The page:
Madison Square Garden is the latest team to restrict brokers from buying huge lots of season tickets for eventual resale.
"This year, in an effort to ensure that a maximum number of fans have access to our tickets, while serving our values and long-tenured season-ticket holders, we will be strictly enforcing ticket purchasing limits," the letter said.
Unlike other teams, which have taken away seats from brokers as well as imposed new limits on where fans can sell those seats -- StubHub is currently suing the Warriors over insisting that resale goes through Ticketmaster -- MSG is not eliminating brokers who have eight or fewer seats, nor are they specifying what marketplace they have to sell them in if they choose to do so.
Other teams have taken tickets away from brokers only to resell them to another ticket business or businesses at a premium.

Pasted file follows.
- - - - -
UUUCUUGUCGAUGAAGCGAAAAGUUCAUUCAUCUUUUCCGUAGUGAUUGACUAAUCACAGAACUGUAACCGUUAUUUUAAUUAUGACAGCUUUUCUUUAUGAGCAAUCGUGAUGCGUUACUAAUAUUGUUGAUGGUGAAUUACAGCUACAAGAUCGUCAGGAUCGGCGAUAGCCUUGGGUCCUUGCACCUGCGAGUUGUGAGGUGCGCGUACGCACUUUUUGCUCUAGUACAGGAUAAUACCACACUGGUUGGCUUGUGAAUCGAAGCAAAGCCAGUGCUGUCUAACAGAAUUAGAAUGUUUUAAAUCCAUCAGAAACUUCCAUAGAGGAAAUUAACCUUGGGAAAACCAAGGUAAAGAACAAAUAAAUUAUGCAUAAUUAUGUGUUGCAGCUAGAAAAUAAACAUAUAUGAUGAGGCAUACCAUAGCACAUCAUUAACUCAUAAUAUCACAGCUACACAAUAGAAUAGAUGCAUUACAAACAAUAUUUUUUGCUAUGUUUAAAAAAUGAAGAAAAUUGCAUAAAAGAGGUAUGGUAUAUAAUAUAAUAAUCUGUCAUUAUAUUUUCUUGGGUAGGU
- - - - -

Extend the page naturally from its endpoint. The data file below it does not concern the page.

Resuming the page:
MSG spokesman Barry Watkins said that the inventory that came back to the team would be sold by the team on an individual game basis, by the group or for partial season-ticket plans.
"MSG, like all teams and live entertainment content providers, has an obligation to service fans, protect its brand and maximize its revenue," said Patrick Ryan, co-founder of Eventellect, a resale market ticket distribution company. "Regaining control of secondary market inventory enables it to do all three."